This is a picture  our family out hiking in August. I am grateful to feel well again, so that I can live my life in the fullest way possible!

 

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Autumn: The Season of Soup and Spice

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I love this time of year in the Northern hemisphere: as the wind grows cooler and the leaves become tinged with the colors of warmth, the Crock pot reappears on my counter, diffusing the scent of spice and delight into the air.

One year ago I was in the middle of my elimination cleanse. After a lifetime of eating a gluten and sugar-rich diet, I constructed my cleanse over the course of a year. Gentle makes sense to me, when dealing with an issue as sensitive as what we eat. Everything we ingest goes through the process by which our cells are built – they regenerate, on average, every seven years. This regeneration process is constant, and the very fabric of our bodies – the cells- are fed by the nutrients extracted from what we eat.

And so, changing our diet, means we are changing ourselves. This metamorphosis requires much support.

In September of 2014 I eliminated practically everything from my diet, including: gluten, sugar, processed foods of any kind- only whole foods were allowed, meaning only ingredient lists of one ingredient.  Recipes such as the one offered here, were allowed, because they were homemade using whole ingredients -no store bought sauces or spice blends.

Soups felt like life-savers.  The healing properties in this soup fortified my weakened small intestine and made me stronger than I have been in many, many years. Allergies, autoimmune conditions, fatigue and thyroid disorders will all be pacified when the gut is strong. Thus, this soup is a powerhouse of healing.

Using homemade bone broth for the stock is where you get the deepest healing value. Slow cooking animal bones extracts minerals that are rejuvenating for our digestive system, cells, and connective tissue. The collagen in the broth literally heals us, from the inside out.

Turmeric is a natural anti-inflammatory. Cooking it on low heat with the ghee releases the healing properties of this amazing spice. Cinnamon, while adding flavor perfect for this season, also has the power to bust through candida, and kill it. (Candida is out-of-control sugar in the gut- a problem many of us in today’s world face.)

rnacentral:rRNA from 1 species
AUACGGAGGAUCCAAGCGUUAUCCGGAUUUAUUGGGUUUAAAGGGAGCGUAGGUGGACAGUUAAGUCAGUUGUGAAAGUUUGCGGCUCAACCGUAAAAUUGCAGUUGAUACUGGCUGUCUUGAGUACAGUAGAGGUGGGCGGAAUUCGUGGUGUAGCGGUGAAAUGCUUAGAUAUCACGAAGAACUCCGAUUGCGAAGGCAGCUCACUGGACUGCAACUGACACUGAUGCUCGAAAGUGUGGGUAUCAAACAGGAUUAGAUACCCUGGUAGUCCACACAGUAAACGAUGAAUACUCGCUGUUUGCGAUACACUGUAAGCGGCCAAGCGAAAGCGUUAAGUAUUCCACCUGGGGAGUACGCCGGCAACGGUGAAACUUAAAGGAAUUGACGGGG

So, put your music on, light your scented candle and savor the Autumn season with this healing soup.

Bone Broth

Ingredients:

4 or 5 beef neck bones – make sure the beef is grass fed

9 cups filtered water

1 teaspoon apple cider vinegar

1 tablespoon salt

Directions:

Heat oven to 350. Place bones on a glass baking dish and bake them for 30 minutes to extract flavor. Place roasted bones into a large soup pot. Pour water over the bones. Add the apple cider vinegar – this helps extract the minerals from the bones. Bring pot to a boil. After five minutes of boiling, turn the heat to low and add salt. Allow the bones to cook on low for around 20 hours. You can also use a Crock pot for this process.

Autumn Healing Soup

Ingredients:

1 large butternut squash

2 organic sweet onions

3 tablespoons organic ghee

1 tablespoon organic turmeric

2 cups homemade beef broth

1 can organic coconut milk

2 tablespoons and 1 teaspoon organic cinammon

1 tablespoon sea salt

Directions:

Peel and cube the squash. Steam the squash until easily pierced with a fork. Meanwhile, cut onions into long slices. Warm ghee in a frying pan (cast iron is the best) and add the turmeric. Warm the ghee and turmeric over a low heat, stirring. When they are blended into a paste, add the onions. Cook onions on low until they are translucent and soft. Place the softened squash, the onions and the broth into a food processor or high-powered blender and puree until smooth. Place this puree into a Crock pot. Add coconut milk, cinnamon and salt and mix well. Simmer the soup on low for three or four hours.

Enjoy, and be healed!

When the Light Shines

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After I was diagnosed with the autoimmune disorder, Hashimoto’s thyroiditis, I went through a dark time. It was depressing to try to accept that the lack of energy and brain fog I had been experiencing for almost a year would never go away. Not to mention the horrible hives that covered my skin every morning and evening that had not abated, even after being treated for this condition.